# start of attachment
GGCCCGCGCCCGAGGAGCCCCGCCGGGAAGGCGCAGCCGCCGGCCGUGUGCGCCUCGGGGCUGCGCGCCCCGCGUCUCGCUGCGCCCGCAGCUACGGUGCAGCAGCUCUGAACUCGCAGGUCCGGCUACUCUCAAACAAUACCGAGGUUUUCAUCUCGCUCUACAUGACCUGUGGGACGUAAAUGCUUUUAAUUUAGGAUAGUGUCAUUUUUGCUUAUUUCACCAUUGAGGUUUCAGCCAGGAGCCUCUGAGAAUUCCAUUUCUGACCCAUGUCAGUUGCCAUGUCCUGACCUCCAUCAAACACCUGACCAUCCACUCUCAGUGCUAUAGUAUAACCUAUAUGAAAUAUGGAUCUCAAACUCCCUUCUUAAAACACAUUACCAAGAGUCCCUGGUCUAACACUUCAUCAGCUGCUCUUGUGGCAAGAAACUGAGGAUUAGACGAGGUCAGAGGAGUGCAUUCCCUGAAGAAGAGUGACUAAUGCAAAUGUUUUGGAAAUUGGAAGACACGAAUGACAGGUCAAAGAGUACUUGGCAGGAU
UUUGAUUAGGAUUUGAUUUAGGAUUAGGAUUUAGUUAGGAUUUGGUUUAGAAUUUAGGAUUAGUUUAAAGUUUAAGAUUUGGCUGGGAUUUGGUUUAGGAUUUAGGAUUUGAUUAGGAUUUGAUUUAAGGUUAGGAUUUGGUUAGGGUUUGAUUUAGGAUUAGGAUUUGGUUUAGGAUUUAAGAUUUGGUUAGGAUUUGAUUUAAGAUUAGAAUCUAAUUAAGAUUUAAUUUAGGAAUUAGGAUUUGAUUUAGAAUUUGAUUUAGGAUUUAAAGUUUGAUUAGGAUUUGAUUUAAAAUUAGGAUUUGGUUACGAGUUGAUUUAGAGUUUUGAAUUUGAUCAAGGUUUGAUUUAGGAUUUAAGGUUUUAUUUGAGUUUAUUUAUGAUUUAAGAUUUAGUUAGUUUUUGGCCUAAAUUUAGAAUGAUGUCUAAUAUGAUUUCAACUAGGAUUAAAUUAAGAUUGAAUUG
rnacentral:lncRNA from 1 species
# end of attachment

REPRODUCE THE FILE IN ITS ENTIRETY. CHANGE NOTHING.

GGCCCGCGCCCGAGGAGCCCCGCCGGGAAGGCGCAGCCGCCGGCCGUGUGCGCCUCGGGGCUGCGCGCCCCGCGUCUCGCUGCGCCCGCAGCUACGGUGCAGCAGCUCUGAACUCGCAGGUCCGGCUACUCUCAAACAAUACCGAGGUUUUCAUCUCGCUCUACAUGACCUGUGGGACGUAAAUGCUUUUAAUUUAGGAUAGUGUCAUUUUUGCUUAUUUCACCAUUGAGGUUUCAGCCAGGAGCCUCUGAGAAUUCCAUUUCUGACCCAUGUCAGUUGCCAUGUCCUGACCUCCAUCAAACACCUGACCAUCCACUCUCAGUGCUAUAGUAUAACCUAUAUGAAAUAUGGAUCUCAAACUCCCUUCUUAAAACACAUUACCAAGAGUCCCUGGUCUAACACUUCAUCAGCUGCUCUUGUGGCAAGAAACUGAGGAUUAGACGAGGUCAGAGGAGUGCAUUCCCUGAAGAAGAGUGACUAAUGCAAAUGUUUUGGAAAUUGGAAGACACGAAUGACAGGUCAAAGAGUACUUGGCAGGAU
UUUGAUUAGGAUUUGAUUUAGGAUUAGGAUUUAGUUAGGAUUUGGUUUAGAAUUUAGGAUUAGUUUAAAGUUUAAGAUUUGGCUGGGAUUUGGUUUAGGAUUUAGGAUUUGAUUAGGAUUUGAUUUAAGGUUAGGAUUUGGUUAGGGUUUGAUUUAGGAUUAGGAUUUGGUUUAGGAUUUAAGAUUUGGUUAGGAUUUGAUUUAAGAUUAGAAUCUAAUUAAGAUUUAAUUUAGGAAUUAGGAUUUGAUUUAGAAUUUGAUUUAGGAUUUAAAGUUUGAUUAGGAUUUGAUUUAAAAUUAGGAUUUGGUUACGAGUUGAUUUAGAGUUUUGAAUUUGAUCAAGGUUUGAUUUAGGAUUUAAGGUUUUAUUUGAGUUUAUUUAUGAUUUAAGAUUUAGUUAGUUUUUGGCCUAAAUUUAGAAUGAUGUCUAAUAUGAUUUCAACUAGGAUUAAAUUAAGAUUGAAUUG
rnacentral:lncRNA from 1 species